I’m a pretty adept image-finder. Images are a significant part of the Specular Effect, and always have been. Memes and art and people making funny faces are all a part of the Specular experience.
I’ve made a lot of memes, and I’ve also pioneered some various image arts.
For example, for a while I was big into watching Alex Jones and pausing the video when he was making a funny face. High definition video opened up the possibility to catch some really funny pictures of people, and Alex has one of the most fun and animated faces of anyone.
This image has been used throughout the media for years, and I’m the one who freeze framed it:
Of course, I also steal memes from Twitter and 4chan and wherever. I’m pretty big on DeviantArt, frankly.
I go through phases, and there is no definitive image style of the site, other than to keep it interesting. I’m sure there is some expression of my own brain in there, but I’ve never been concerned with keeping a specific style. Some days, I’m just as likely to throw a standard news header image at the top of an article, other days (particularly days when I’m not mad at 4chan), I use a lot of meme images.
I’m also fond of stock photos, and I use the various image search engines. Today, I wanted to find an image of someone looking pensive, and without thinking much about it, I thought “hesitancy” might be a word that stock photo image companies had associated with “thinking face.”
I typed “hesitancy” into Google Images, and found that 100% of the images are about “vaccine hesitancy.”
It’s a term you’ve heard a lot. You would expect Google News to give you 100% coronavirus replies, but Google Images seems to believe that the only use of the word is in connection with people refusing to take the vaccine.
Like the term itself, the images are Orwellian. This forced meme is entirely about creating a global consensus around an issue, while not being allowed to publicly discuss it.
There are multiple images relating to think tank analysis of the minds of people who don’t want the vaccine.
For example, the cover page of a white paper by the Jəwish Sabin-Aspen think tank.
The .pdf entitled “Meeting the Challenges of Vaccine Hesitancy,” is 175 pages long and contains the words “conspiracy” or “conspiratorial” 23 times.
The paper openly claims that anyone that is anything more than “hesitant” – i.e., any outright refuser – is some manner of kook.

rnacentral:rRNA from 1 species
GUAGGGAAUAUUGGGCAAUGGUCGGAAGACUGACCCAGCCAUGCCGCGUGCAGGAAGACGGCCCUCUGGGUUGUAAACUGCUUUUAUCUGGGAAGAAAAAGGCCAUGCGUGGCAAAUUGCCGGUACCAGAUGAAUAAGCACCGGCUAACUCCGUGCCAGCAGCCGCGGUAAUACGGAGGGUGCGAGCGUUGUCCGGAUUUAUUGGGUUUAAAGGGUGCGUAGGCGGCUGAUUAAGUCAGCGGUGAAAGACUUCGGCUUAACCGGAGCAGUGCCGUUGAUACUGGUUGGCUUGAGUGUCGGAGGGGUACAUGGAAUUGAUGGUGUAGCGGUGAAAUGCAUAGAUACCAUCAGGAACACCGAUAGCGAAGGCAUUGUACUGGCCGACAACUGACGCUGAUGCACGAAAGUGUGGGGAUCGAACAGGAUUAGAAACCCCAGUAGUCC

I have a storied history of reading think tank white papers, which is why I’m considered by many to be very good at predicting events. Obviously, I don’t read 175 page papers everyday, but they all basically follow the same format, and they are easy to skim.
Here is the part that sums up this paper:
Efforts should be made to gather a body of experience from the community of practitioners who have developed innovative ways to help patients, parents, and guardians move from hesitance to acceptance, using communications as well as behavioral approaches derived from social science (sociology, anthropology, and economics) and psychological research. In this nuanced field, context is supremely important.
The Group highlighted the imperative of developing evidence-based approaches to hesitancy in a range of settings, particularly in lower- and middleincome countries where those insights are severely lacking. There was consensus that the primary end objective is to increase vaccination; the means to achieve this outcome include efforts to reinforce the value of vaccination and highlight the fact that it is an overwhelmingly accepted social norm. At the same time, the Group stressed that erroneous social media messages cannot go unchecked and that monitoring and rapid response actions are needed, as is research on communication strategies; educating parents, providers, and children; and addressing value systems to reinforce vaccination norms. These approaches must be multipronged and targeted. Solutions for overcoming hesitancy should include testing and adoption of approaches that address the values, feelings, and emotions of the audience, as well as communication methods and talking points. While many of the issues are context-dependent, the goal should be to identify scalable approaches to implementation.
That is not only a summary of what they are doing with the vaccines, but how they are engineering society as a whole in order to accept a consensus worldview is really the most important thing.
The think tank analysis is the context of most of the interesting images on my Google Images search. This has been really, really heavily examined.
They have all of these various continuum diagrams.
Note the implication that the overwhelming majority, they believe, can be convinced. The assumption (clearly) is that the hardline refusers will be small enough of a group to simply shut out of society.
They are also analyzing the minds of people who are “hesitant.”
This is how they work everything.
Our entire society is a gigantic social-engineering machine.
These think tanks all speak openly about manipulating cultural and social norms in order to achieve the desired outcome of compliance with the various agendas.
These people were able to convince a significant number of us that Iraq was going to invade the United States. That was based on research that people are more psychologically malleable after severe trauma.
The psychology of the masses is broken down into individual parts, and their minds are analyzed to see what emotional drives are behind their decision-making processes, and the experts decide how to manipulate those drives. This is then fed into the media, and now, into the censorship machine of the internet.
The coronavirus vaccine is the first real “red line” that they are attempting to draw globally, to force compliance of every person on the planet.
At least, everyone who isn’t a member of the elite.
They are allowed to maintain their “hesitancy.”